The second Creepshow is mainly remembered for that Stephen King story about the Venom symbiote eating a bunch of dumb teenagers at the beach, but the story of Old Chief Woodenhead is pretty rad in itself. It focuses on an old couple who run a shop and peacefully do business with a Native American town elder. The old couple has a massive Native American statue in front of the store and the husband (played by George Kennedy) regularly cares for it and spruces it up with fresh war paint.
When the elder’s jackass nephew and his friends rob the place and kill the kindly old folks, the statue comes to life and swears vengeance. Old Chief Woodenhead is just as unstoppable and deadly as your usual slasher threat, but this time we get to see one born of righteousness, focused entirely on victims who deserve what’s coming to them.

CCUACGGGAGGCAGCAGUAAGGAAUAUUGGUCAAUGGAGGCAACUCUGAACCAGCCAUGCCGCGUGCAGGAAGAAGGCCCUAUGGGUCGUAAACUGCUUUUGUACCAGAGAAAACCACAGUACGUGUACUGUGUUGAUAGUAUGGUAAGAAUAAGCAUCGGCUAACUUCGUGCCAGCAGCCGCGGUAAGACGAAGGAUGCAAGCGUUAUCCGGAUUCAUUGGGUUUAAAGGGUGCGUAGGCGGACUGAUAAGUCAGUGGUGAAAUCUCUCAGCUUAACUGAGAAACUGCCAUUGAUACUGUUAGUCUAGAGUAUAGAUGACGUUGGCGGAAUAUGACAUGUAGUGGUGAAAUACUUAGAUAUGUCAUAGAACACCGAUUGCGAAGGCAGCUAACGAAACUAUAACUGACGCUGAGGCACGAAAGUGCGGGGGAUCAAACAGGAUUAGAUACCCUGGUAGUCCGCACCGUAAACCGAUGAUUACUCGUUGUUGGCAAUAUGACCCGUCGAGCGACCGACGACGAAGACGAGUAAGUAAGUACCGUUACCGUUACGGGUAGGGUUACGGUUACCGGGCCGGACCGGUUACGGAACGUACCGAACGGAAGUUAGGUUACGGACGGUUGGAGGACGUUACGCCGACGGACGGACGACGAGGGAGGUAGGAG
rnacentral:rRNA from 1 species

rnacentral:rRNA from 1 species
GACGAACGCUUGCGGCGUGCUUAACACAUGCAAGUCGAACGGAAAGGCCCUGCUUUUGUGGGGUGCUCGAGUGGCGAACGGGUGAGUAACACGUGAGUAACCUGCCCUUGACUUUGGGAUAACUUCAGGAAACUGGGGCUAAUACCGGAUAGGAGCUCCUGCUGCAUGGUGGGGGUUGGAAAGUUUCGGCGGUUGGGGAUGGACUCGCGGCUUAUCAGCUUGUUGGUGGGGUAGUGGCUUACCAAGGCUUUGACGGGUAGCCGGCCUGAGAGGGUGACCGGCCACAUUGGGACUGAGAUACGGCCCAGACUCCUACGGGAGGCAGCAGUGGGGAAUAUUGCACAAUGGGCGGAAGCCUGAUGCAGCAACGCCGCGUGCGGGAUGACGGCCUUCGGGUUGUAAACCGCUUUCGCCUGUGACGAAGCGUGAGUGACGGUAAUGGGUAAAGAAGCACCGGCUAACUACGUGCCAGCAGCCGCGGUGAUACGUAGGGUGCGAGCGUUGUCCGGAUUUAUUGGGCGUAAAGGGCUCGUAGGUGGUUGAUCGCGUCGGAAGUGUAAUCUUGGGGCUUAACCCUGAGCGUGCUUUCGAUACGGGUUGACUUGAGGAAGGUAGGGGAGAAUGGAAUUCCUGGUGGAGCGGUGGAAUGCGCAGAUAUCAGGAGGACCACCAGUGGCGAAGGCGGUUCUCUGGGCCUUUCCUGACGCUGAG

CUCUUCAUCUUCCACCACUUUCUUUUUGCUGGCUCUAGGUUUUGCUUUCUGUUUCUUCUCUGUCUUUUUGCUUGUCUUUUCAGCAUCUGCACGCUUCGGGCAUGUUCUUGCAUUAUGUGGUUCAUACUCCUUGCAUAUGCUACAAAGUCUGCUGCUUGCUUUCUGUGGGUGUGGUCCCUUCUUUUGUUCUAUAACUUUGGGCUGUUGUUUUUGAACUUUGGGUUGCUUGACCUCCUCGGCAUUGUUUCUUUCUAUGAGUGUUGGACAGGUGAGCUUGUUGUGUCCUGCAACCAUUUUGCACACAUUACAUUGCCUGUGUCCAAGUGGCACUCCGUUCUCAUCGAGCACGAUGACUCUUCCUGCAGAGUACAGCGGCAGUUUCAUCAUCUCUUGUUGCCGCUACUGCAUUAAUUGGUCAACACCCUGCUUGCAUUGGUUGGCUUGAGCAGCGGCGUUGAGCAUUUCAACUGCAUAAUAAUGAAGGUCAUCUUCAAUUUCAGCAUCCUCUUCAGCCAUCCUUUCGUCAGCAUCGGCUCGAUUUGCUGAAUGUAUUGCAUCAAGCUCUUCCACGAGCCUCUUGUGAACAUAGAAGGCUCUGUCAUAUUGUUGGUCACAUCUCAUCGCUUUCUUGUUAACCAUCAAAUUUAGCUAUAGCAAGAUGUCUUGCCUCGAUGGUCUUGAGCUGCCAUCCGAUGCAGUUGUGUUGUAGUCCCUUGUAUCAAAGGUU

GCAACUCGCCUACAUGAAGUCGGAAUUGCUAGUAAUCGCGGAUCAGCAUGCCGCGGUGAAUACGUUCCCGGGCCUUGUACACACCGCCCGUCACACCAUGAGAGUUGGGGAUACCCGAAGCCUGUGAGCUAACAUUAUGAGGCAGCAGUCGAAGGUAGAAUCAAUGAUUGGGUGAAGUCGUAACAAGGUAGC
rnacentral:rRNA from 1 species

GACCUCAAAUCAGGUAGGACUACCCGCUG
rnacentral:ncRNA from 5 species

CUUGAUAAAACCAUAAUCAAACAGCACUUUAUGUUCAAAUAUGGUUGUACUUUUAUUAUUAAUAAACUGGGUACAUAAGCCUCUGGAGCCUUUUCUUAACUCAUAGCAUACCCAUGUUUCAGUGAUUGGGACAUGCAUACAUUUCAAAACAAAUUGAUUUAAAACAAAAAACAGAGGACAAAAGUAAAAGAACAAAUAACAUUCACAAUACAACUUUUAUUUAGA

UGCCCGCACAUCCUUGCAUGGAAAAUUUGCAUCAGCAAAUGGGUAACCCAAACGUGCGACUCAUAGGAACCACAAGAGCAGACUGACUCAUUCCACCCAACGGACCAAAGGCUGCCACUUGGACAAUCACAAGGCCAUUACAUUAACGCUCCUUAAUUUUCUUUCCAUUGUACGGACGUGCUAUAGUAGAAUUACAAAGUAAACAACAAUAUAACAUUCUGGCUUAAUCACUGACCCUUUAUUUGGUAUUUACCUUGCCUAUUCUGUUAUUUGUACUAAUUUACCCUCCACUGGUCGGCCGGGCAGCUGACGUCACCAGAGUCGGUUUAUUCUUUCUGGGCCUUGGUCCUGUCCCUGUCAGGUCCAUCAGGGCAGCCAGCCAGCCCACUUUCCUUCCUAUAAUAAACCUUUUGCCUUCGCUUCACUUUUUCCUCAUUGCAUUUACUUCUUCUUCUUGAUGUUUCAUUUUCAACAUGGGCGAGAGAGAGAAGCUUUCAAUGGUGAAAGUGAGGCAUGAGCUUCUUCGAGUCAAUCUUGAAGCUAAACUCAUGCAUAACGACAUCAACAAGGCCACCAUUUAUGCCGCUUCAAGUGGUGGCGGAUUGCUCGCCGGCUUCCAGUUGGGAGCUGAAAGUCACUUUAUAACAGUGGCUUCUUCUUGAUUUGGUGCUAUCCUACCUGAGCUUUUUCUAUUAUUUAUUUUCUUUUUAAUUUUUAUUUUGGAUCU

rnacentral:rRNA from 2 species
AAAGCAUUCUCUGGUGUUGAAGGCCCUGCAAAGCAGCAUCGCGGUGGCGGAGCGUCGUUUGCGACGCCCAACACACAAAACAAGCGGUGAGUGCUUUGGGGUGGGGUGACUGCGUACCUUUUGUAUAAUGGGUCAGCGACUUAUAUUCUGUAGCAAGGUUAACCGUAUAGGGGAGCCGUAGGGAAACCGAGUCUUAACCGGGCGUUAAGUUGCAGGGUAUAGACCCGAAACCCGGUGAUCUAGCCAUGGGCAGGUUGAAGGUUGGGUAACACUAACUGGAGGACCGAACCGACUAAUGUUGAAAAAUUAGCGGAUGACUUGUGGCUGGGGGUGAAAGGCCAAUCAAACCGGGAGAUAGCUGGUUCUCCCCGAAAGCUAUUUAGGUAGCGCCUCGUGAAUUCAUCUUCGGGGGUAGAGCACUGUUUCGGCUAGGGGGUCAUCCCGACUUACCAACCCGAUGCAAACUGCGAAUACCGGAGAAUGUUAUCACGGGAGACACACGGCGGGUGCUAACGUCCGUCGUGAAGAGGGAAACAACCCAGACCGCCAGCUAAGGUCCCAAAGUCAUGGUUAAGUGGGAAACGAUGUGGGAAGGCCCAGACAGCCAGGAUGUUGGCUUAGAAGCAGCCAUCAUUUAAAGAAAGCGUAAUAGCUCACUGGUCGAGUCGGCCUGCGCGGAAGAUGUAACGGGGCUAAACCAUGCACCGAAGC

In his animated form, Old Chief doesn’t get to be on-camera for too long, but what we get looks damn good. Practical effects that look like a natural cross between animatronics and just really good prosthetics.
There’s nothing like a solid revenge story and at its core Pumpkinhead is a series that’s all about vengeance. The creature’s whole purpose is to be summoned as a fail safe method of making sure people get their just desserts. The first thing you want to get into with Pumpkinhead is his appearance, because this guy is just textbook definition monster. Seriously, this is the sort of creature you’d see on the front of a VHS in the horror aisle of a video store and rent it just because of how scary it looks. Stan Winston, who is responsible for a lot of the monsters that currently haunt your nightmares like the Xenomorph, the T-1000, and the raptor from Jurassic Park, made his directorial debut with Pumpkinhead and it’s a shame he couldn’t continue to show his skills in this area. If nothing else you can tell that Winston didn’t half-ass the monster here (even if it does look a lot like the Xenomorph at times). Winston’s said that the creature is supposed to resemble a rotting, cancerous organ, and it does.